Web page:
And if you contend that an obsession with one individual is of a larger impact than the litany of details I just rattled off: The United States, the alleged "good" Revolution of the 18th century, swore in its First President as "His High Mightiness, the President of the United States and Protector of their Liberties." Washington bartered this down to "Mr. President" in his ensuing tenure as President, but that's...that has a strain of the "cult of personality" there. That is ridiculous. But it was hardly new. I must say, declaring your leader God's anointed King also seems to be indicative of a degree of obsession with one person. At worst, in this respect, even Lenin would be guilty of mere hypocrisy in doing the same thing as the Tsar before him - certainly, it was nothing new.

And perhaps there's some misunderstanding here. I understand why the Jacobins are compared to the Bolsheviks, from a historiographical perspective. I'm aware of the heady debates, the clashing philosophies. But that's not going to stop me from thinking it's stupid. I understand 1794% but heck if I've seen a valid point to date.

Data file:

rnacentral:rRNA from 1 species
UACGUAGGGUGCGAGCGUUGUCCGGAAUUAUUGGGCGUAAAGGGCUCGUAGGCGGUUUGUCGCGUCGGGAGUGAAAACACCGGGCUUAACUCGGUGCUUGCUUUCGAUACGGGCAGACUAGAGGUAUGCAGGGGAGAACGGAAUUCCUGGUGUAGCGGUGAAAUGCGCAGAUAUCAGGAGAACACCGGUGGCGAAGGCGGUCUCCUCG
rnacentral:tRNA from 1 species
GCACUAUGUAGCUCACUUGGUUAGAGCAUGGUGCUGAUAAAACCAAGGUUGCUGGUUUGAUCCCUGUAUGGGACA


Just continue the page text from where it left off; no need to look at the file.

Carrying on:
But somehow, it's easier to find contradictions if someone speaks about peace and love while doing disgusting things. If someone has an aggressive rhetoric, one doesn't tend to search for the hidden truth: "Are they really so aggressive, or is it only a rhetoric?"